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Wednesday, Oct. 15, 2003

The past that can't be buried



Ararat

Rating: * * * * (out of 5)
Director: Atom Egoyan
Running time: 115 minutes
Language: English, Armeinan, French, German
Currently showing
[See Japan Times movie listings]

For many people, "Schindler's List" will be their most enduring image of the Holocaust. That's a good thing, since at least the history will be remembered, but it's also got a downside: The film's tale -- of a German who helped rescue Jews -- is an extreme exception, and insulates people from the fact that most people did nothing to stop the killings.

News photo
Simon Abkarian as Arshile Gorky (above) in "Ararat" and the photo of Gorky's mother, which served as an inspiration for one of his cubist paintings.
News photo

Canadian filmmaker Atom Egoyan, unlike Steven Spielberg, is far too self-reflective to ignore the quandary of fictionalizing history. As an Armenian, he's all too aware of the genocide his people suffered at the hands of the Ottoman Empire, Turks between 1915-1920, and the fact that this history is barely acknowledged. (Even Israel, in a cynical geopolitical move to maintain warm relations with Turkey, has refused to recognize the Armenian holocaust in which 600,000 to 1 1/2 million died.) As Canada's most acclaimed filmmaker, he's also in a position to bring this issue to the screen.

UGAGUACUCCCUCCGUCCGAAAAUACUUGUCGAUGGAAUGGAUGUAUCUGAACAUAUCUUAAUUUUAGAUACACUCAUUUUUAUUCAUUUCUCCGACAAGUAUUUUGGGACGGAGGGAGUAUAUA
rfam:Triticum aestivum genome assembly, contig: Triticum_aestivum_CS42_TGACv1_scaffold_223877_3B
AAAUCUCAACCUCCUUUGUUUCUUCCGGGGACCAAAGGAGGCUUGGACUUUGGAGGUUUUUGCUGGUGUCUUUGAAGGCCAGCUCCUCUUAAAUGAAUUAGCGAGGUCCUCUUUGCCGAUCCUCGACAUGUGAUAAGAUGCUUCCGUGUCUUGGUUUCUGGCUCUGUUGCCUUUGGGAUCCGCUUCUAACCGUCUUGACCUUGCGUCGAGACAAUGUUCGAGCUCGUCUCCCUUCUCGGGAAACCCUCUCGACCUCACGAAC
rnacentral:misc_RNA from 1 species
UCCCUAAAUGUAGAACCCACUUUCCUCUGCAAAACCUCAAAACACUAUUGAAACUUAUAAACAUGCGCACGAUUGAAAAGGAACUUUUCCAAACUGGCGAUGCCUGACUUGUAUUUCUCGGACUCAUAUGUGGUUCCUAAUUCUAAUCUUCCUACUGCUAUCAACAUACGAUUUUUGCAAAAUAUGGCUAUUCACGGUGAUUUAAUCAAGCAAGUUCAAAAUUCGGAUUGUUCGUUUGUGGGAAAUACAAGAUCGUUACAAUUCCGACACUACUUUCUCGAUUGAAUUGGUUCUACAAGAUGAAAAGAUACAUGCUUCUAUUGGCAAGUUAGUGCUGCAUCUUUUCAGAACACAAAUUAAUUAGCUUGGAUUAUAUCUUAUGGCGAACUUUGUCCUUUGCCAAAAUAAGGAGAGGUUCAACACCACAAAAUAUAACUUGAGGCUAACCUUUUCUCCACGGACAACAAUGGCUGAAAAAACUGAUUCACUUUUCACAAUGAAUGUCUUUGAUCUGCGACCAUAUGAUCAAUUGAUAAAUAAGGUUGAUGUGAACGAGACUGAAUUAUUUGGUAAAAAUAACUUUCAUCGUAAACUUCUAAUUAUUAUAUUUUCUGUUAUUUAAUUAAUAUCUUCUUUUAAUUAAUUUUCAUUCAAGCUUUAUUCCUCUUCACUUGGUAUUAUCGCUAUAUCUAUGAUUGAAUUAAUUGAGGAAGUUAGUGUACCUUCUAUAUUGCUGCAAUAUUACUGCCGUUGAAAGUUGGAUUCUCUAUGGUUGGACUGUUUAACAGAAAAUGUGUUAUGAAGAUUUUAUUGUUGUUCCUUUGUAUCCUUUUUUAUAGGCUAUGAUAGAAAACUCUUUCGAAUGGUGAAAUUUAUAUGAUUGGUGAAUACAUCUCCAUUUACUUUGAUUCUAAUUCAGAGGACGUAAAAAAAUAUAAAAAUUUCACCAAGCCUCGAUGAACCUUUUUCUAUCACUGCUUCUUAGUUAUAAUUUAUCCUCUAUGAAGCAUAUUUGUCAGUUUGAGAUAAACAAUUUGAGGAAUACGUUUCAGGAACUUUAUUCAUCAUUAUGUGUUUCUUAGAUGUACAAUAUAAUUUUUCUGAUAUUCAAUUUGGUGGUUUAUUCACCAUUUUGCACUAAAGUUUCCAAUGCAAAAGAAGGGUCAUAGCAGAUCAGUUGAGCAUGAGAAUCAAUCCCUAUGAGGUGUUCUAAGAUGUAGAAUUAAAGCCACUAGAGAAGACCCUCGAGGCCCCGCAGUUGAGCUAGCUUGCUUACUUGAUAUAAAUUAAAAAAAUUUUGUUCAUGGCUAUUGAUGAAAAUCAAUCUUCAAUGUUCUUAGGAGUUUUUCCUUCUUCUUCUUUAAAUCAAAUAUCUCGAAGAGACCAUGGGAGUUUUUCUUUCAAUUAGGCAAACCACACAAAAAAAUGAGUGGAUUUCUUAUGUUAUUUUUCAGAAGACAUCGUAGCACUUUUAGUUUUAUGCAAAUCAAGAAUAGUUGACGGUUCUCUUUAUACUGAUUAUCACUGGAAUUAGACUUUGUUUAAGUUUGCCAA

But Egoyan being Egoyan, a straight historical drama never really seemed to be on the cards. Egoyan uses the device of a film within a film to distance us and show us both the benefits and liabilities of filming history, especially controversial history. Using his usual style of deftly weaving several disparate stories into one cohesive whole, Egoyan takes us through four generations of Armenians, capturing both the horror of the death marches, and the weight of history on its survivors and their children.

Veteran French singer/actor Charles Aznavour (of Armenian ancestry as well) plays Edward Saroyan, a noted director who's decided to make an action-packed drama on the Turkish siege of the Armenian mountain city of Van near Mount Ararat, based on an actual eye-witness account by an American medical missionary. Saroyan, and his screenwriter Rueben (Eric Bogosian), have a real desire to put their people's history on the screen, but they're not above playing fast and loose with the details to make a film that conforms to Hollywood standards.